What’s Different?

That covers much of what makes the PK380 and PD380 so alike. Fortunately, the R&D team at Walther decided to make some worthwhile improvements in the PD380 to address common complaints about the PK380. Let’s look at the key upgrades they baked into this next-generation .380 ACP offering.

The most strikingly obvious difference between the two on the outside is the cocker serrations. The older PK380 has a smooth front and fairly shallow rear serrations that work but don’t stand out. The new PD380 carries over the aggressive “SuperTerrain Slide Serrations,” as Walther calls them, from the rest of the PDP line on both the front and back of the slide. These massive, chunky notches provide great grip when racking the slide.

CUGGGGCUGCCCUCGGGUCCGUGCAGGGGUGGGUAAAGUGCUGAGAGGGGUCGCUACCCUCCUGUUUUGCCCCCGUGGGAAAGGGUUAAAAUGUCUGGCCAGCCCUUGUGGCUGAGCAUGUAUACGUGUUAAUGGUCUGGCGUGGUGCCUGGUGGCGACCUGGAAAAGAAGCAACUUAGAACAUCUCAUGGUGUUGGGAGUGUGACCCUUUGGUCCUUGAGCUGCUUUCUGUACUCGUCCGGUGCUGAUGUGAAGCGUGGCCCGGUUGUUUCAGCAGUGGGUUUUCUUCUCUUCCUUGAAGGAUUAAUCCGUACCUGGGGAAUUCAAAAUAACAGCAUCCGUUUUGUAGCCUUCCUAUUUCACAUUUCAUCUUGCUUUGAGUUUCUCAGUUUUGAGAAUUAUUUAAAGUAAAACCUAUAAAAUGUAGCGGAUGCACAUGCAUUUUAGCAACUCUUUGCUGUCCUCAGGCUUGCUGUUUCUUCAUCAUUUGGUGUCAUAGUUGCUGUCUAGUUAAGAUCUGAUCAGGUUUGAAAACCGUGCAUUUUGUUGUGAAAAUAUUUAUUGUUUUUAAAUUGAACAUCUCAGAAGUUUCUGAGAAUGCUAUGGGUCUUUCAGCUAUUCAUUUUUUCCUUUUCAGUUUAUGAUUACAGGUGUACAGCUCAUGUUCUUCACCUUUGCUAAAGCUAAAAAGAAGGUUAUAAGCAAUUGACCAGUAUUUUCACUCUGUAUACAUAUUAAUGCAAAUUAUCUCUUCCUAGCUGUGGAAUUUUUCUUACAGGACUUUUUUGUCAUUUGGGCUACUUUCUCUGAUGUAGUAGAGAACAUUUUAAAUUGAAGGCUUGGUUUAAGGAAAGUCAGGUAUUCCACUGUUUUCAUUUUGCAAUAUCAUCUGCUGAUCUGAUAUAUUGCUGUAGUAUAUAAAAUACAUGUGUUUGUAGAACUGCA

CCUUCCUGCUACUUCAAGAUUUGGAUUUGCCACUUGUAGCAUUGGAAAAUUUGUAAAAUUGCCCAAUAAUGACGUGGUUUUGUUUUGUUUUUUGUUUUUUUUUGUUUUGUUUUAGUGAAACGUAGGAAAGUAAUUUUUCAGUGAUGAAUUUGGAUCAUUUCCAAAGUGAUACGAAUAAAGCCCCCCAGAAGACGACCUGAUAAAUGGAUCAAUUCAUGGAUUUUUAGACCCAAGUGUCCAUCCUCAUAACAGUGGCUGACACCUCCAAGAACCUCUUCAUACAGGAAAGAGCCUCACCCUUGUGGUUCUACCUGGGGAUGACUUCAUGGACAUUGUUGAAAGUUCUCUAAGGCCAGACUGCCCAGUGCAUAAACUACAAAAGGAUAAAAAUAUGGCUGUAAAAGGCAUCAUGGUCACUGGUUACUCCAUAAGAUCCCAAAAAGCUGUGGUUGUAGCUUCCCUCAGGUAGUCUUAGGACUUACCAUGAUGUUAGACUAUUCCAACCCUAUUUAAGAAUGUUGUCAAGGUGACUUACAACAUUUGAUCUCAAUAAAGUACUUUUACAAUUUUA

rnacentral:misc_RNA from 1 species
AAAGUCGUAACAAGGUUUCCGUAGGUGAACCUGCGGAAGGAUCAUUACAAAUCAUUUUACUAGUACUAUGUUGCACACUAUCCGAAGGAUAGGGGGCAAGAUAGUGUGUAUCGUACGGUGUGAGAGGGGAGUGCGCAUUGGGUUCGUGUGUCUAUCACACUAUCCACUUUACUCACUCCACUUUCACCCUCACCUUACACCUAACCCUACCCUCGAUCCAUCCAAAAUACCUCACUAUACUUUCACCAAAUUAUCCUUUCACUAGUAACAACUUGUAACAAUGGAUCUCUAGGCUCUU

The super aggressive serrations on the PD380 are a direct carryover from the rest of the PDP line and offer a better racking grip than the PK380’s more recessed serrations. (Photo courtesy of Walther.)

One issue that has affected a decent percentage of PK380 handguns is slide velocity. Some users reported the slides didn’t always have enough rearward velocity to cycle reliably. This reportedly failed to go into battery. In my years of owning a PK380, I never had this happen to me. For those who did, Walther re-engineered the operating springs in the PD380 to ensure reliable function without increasing perceived felt recoil or making the slides overly difficult to manipulate by hand.